black line

What books have you randomly picked up recently?

Tiara

 

 

Advertisements

23 Comments on “Top Ten Tuesday: Ten Books I Picked Up On A Whim

    • I remember reading your review, so I’m hoping for the best when I get around to this. I bought this one during a sale for gaming books along with another Pathfinder book called The Crusader Road. I plan to read one of them, likely the one I listed here, sometime this year along with the D&D books I bought at the same time.

      Like

    • I bought Ink Mage because of its second (The Tattooed Duchess) and third book (The Painted Goddess), which intrigued me. But I can’t dive into those books without reading the first. We’ll see how it goes.

      Liked by 1 person

  1. I bought Years of Rice and Salt on a whim when it came out 🙂 So many books under the bridge since then (so to speak) I don’t recall much about it – but I suspect I’d like it (even) more now than I did then.

    Gene Mapper looks intriguing!

    Like

    • The history angle of The Years of Salt and Rice is what made me pick it up. I’m a history nerd. I look forward to reading it, but who knows when I’ll actually get around to it.

      Like

  2. I’m guilty of impulse buys when the cover is pretty too. Vermilion and Mort(e) look interesting. I really love the cat face cover of Mort(e). 😛 I think I used to own Dust and Shadow, but ended up letting it go because it had been sitting on my TBR for years without me reading it.

    Liked by 1 person

    • The cover was probably most of the reason I picked up Mort(e), but the story sounds like it’ll be something interesting and different, too. I pick up books and then don’t get around to them, too. Hopefully I will get around to Dust and Shadow, but I think it’s one of those books I’ll have to be in the mood for.

      Liked by 1 person

  3. I haven’t read any of these books, but Ink Mage definitely caught my attention. And I love its cover!

    I tend not to pick up books on a whim; I kind of like to know what I’m getting myself into beforehand. But the last one that sort of falls into that category is Kiera Cass’s The Siren. The romance didn’t do anything for me, but the siren mythology and the relationships between the protagonist and her “siren sisters” were well done.

    Like

    • I picked up Ink Mage because of its sequels–The Tattooed Duchess and A Painted Goddess. I was really intrigued by those, but I can’t just skip the first book. I guess I could, but I’m not one of those people who can do that.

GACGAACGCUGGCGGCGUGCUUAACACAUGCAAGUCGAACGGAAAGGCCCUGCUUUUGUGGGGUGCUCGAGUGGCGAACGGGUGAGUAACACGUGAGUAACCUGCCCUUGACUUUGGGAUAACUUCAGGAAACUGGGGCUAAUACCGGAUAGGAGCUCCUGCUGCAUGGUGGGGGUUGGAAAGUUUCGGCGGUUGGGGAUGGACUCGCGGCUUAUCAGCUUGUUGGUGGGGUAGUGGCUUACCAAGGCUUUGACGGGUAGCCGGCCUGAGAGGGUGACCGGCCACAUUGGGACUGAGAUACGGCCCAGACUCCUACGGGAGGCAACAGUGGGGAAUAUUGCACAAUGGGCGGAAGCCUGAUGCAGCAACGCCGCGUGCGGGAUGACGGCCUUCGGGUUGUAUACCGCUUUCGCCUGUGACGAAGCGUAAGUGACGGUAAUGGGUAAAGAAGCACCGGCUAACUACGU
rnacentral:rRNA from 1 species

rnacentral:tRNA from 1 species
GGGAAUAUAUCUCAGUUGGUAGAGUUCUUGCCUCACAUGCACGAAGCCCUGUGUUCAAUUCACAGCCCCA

I’m glad to hear that your whim selection sort of worked out for you. I’ve looked at The Siren, but haven’t committed to it yet. I’ll see how I feel once I finish The Selection before I move into anything else.

      Liked by 1 person

  4. I discovered Lyndsay Faye when I picked on a whim first book in her Timothy Wilde trilogy. It also historical setting (1845. New York), but mc is a copper in Five Points. It is one of my favourite accidental discoveries. I have to try her Sherlock book.
    Great random picks, Tiara, I liked Vermilion and Mort(e),too.

    Liked by 1 person

    • Thanks!

      I haven’t read anything by Faye, but another book blogger turned me on to her because she wrote a Jane Eyre retelling and they remembered that Jane Eyre is one of my favorite books. So, I ended up getting Jane Steele (her Jane Eyre retelling) and this one. Jane Steele should be coming up very soon in my reading.

      Like

  5. I had wanted to read Mort(e)! How did you like it?

    I was at a used bookstore yesterday, and I picked up a copy of “The Baker’s Boy” and “A Man Betrayed” by J.V. Jones. Never even heard of them or the author, but it looked that like “classic” epic fantasy with the cover. So I thought: why not?! XD

    Liked by 1 person

    • I haven’t read it yet. However, it’s one of the books I am queuing up for next month if I don’t end up swapping out one of this month’s reads instead.

      I am terrible about picking up books for the covers. Covers I used to shy away from when I was younger I love now.

      Like

  6. I hope to read both of them later in the year. We’ll see how reading factors in over my increasingly crazy schedule.

    Like

Leave a Reply

Fill in your details below or click an icon to log in:

WordPress.com Logo

You are commenting using your WordPress.com account. Log Out /  Change )

Google+ photo

You are commenting using your Google+ account. Log Out /  Change )

Twitter picture

You are commenting using your Twitter account. Log Out /  Change )

Facebook photo

You are commenting using your Facebook account. Log Out /  Change )

Connecting to %s

This site uses Akismet to reduce spam. Learn how your comment data is processed.

%d bloggers like this: